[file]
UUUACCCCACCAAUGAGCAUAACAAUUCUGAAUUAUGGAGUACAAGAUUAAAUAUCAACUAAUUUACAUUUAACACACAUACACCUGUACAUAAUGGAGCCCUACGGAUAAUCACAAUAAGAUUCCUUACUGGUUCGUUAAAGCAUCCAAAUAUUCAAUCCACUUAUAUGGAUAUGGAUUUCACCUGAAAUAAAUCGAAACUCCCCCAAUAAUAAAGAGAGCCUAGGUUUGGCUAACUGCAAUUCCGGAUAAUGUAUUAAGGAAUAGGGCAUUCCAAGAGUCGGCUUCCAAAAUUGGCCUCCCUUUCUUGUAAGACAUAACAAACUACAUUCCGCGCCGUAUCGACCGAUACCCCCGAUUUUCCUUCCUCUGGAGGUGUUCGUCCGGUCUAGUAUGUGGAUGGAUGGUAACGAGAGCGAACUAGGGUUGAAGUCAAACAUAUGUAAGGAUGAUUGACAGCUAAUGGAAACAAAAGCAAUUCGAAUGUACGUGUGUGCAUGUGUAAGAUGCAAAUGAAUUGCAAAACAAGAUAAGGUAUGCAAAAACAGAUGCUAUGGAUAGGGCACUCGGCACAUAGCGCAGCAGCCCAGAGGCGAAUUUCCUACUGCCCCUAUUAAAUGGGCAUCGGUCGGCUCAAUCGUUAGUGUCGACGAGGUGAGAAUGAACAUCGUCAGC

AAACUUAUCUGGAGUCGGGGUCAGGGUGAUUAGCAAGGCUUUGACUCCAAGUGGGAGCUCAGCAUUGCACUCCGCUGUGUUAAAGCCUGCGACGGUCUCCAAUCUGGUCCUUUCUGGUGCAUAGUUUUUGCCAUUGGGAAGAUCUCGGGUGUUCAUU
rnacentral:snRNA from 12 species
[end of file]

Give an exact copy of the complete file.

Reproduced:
UUUACCCCACCAAUGAGCAUAACAAUUCUGAAUUAUGGAGUACAAGAUUAAAUAUCAACUAAUUUACAUUUAACACACAUACACCUGUACAUAAUGGAGCCCUACGGAUAAUCACAAUAAGAUUCCUUACUGGUUCGUUAAAGCAUCCAAAUAUUCAAUCCACUUAUAUGGAUAUGGAUUUCACCUGAAAUAAAUCGAAACUCCCCCAAUAAUAAAGAGAGCCUAGGUUUGGCUAACUGCAAUUCCGGAUAAUGUAUUAAGGAAUAGGGCAUUCCAAGAGUCGGCUUCCAAAAUUGGCCUCCCUUUCUUGUAAGACAUAACAAACUACAUUCCGCGCCGUAUCGACCGAUACCCCCGAUUUUCCUUCCUCUGGAGGUGUUCGUCCGGUCUAGUAUGUGGAUGGAUGGUAACGAGAGCGAACUAGGGUUGAAGUCAAACAUAUGUAAGGAUGAUUGACAGCUAAUGGAAACAAAAGCAAUUCGAAUGUACGUGUGUGCAUGUGUAAGAUGCAAAUGAAUUGCAAAACAAGAUAAGGUAUGCAAAAACAGAUGCUAUGGAUAGGGCACUCGGCACAUAGCGCAGCAGCCCAGAGGCGAAUUUCCUACUGCCCCUAUUAAAUGGGCAUCGGUCGGCUCAAUCGUUAGUGUCGACGAGGUGAGAAUGAACAUCGUCAGC

AAACUUAUCUGGAGUCGGGGUCAGGGUGAUUAGCAAGGCUUUGACUCCAAGUGGGAGCUCAGCAUUGCACUCCGCUGUGUUAAAGCCUGCGACGGUCUCCAAUCUGGUCCUUUCUGGUGCAUAGUUUUUGCCAUUGGGAAGAUCUCGGGUGUUCAUU
rnacentral:snRNA from 12 species